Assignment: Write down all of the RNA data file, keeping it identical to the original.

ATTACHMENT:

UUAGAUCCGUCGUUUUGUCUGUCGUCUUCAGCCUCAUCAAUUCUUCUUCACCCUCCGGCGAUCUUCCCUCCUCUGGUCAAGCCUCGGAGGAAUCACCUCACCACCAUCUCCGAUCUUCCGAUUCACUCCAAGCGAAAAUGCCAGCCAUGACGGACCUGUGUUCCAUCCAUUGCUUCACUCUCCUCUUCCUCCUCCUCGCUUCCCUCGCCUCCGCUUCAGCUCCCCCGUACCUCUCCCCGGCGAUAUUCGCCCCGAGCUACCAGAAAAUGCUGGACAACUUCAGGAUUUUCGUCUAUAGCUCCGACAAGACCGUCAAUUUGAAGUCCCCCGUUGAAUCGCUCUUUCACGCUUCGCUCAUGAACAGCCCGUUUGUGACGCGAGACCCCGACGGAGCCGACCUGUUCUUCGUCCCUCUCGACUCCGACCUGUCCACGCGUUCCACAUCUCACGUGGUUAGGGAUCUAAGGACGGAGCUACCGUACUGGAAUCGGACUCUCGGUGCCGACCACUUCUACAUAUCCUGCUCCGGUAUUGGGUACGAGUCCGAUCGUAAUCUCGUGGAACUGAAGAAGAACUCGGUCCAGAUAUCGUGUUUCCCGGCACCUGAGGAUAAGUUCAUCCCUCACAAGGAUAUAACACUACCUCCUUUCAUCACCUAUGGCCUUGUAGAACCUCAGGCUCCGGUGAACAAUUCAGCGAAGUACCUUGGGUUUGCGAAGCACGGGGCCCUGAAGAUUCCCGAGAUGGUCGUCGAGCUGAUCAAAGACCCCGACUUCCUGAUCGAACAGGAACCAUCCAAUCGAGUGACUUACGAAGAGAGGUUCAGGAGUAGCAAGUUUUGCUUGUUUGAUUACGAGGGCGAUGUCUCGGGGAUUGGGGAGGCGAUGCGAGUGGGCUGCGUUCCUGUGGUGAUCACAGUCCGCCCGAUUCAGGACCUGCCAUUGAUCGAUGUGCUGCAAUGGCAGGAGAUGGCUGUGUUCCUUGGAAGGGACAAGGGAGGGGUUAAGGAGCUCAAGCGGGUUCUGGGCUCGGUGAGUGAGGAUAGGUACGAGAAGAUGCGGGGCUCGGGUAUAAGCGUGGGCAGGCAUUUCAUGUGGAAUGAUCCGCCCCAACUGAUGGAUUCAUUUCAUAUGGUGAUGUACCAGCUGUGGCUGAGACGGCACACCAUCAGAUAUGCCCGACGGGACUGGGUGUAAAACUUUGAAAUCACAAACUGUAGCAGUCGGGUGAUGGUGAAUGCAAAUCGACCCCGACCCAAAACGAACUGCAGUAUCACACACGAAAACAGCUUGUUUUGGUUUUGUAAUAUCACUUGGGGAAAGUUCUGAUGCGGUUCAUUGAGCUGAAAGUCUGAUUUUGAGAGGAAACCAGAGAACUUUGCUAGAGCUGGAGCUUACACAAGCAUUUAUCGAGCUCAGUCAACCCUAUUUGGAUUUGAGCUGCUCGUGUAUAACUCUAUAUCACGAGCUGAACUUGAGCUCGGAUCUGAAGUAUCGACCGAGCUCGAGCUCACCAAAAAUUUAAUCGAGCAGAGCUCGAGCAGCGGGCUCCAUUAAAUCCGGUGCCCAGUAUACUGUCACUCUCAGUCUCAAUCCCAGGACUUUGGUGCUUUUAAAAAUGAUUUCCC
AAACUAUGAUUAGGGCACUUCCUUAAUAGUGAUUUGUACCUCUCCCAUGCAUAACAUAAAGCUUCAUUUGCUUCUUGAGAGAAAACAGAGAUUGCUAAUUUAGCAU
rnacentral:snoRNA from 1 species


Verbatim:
UUAGAUCCGUCGUUUUGUCUGUCGUCUUCAGCCUCAUCAAUUCUUCUUCACCCUCCGGCGAUCUUCCCUCCUCUGGUCAAGCCUCGGAGGAAUCACCUCACCACCAUCUCCGAUCUUCCGAUUCACUCCAAGCGAAAAUGCCAGCCAUGACGGACCUGUGUUCCAUCCAUUGCUUCACUCUCCUCUUCCUCCUCCUCGCUUCCCUCGCCUCCGCUUCAGCUCCCCCGUACCUCUCCCCGGCGAUAUUCGCCCCGAGCUACCAGAAAAUGCUGGACAACUUCAGGAUUUUCGUCUAUAGCUCCGACAAGACCGUCAAUUUGAAGUCCCCCGUUGAAUCGCUCUUUCACGCUUCGCUCAUGAACAGCCCGUUUGUGACGCGAGACCCCGACGGAGCCGACCUGUUCUUCGUCCCUCUCGACUCCGACCUGUCCACGCGUUCCACAUCUCACGUGGUUAGGGAUCUAAGGACGGAGCUACCGUACUGGAAUCGGACUCUCGGUGCCGACCACUUCUACAUAUCCUGCUCCGGUAUUGGGUACGAGUCCGAUCGUAAUCUCGUGGAACUGAAGAAGAACUCGGUCCAGAUAUCGUGUUUCCCGGCACCUGAGGAUAAGUUCAUCCCUCACAAGGAUAUAACACUACCUCCUUUCAUCACCUAUGGCCUUGUAGAACCUCAGGCUCCGGUGAACAAUUCAGCGAAGUACCUUGGGUUUGCGAAGCACGGGGCCCUGAAGAUUCCCGAGAUGGUCGUCGAGCUGAUCAAAGACCCCGACUUCCUGAUCGAACAGGAACCAUCCAAUCGAGUGACUUACGAAGAGAGGUUCAGGAGUAGCAAGUUUUGCUUGUUUGAUUACGAGGGCGAUGUCUCGGGGAUUGGGGAGGCGAUGCGAGUGGGCUGCGUUCCUGUGGUGAUCACAGUCCGCCCGAUUCAGGACCUGCCAUUGAUCGAUGUGCUGCAAUGGCAGGAGAUGGCUGUGUUCCUUGGAAGGGACAAGGGAGGGGUUAAGGAGCUCAAGCGGGUUCUGGGCUCGGUGAGUGAGGAUAGGUACGAGAAGAUGCGGGGCUCGGGUAUAAGCGUGGGCAGGCAUUUCAUGUGGAAUGAUCCGCCCCAACUGAUGGAUUCAUUUCAUAUGGUGAUGUACCAGCUGUGGCUGAGACGGCACACCAUCAGAUAUGCCCGACGGGACUGGGUGUAAAACUUUGAAAUCACAAACUGUAGCAGUCGGGUGAUGGUGAAUGCAAAUCGACCCCGACCCAAAACGAACUGCAGUAUCACACACGAAAACAGCUUGUUUUGGUUUUGUAAUAUCACUUGGGGAAAGUUCUGAUGCGGUUCAUUGAGCUGAAAGUCUGAUUUUGAGAGGAAACCAGAGAACUUUGCUAGAGCUGGAGCUUACACAAGCAUUUAUCGAGCUCAGUCAACCCUAUUUGGAUUUGAGCUGCUCGUGUAUAACUCUAUAUCACGAGCUGAACUUGAGCUCGGAUCUGAAGUAUCGACCGAGCUCGAGCUCACCAAAAAUUUAAUCGAGCAGAGCUCGAGCAGCGGGCUCCAUUAAAUCCGGUGCCCAGUAUACUGUCACUCUCAGUCUCAAUCCCAGGACUUUGGUGCUUUUAAAAAUGAUUUCCC
AAACUAUGAUUAGGGCACUUCCUUAAUAGUGAUUUGUACCUCUCCCAUGCAUAACAUAAAGCUUCAUUUGCUUCUUGAGAGAAAACAGAGAUUGCUAAUUUAGCAU
rnacentral:snoRNA from 1 species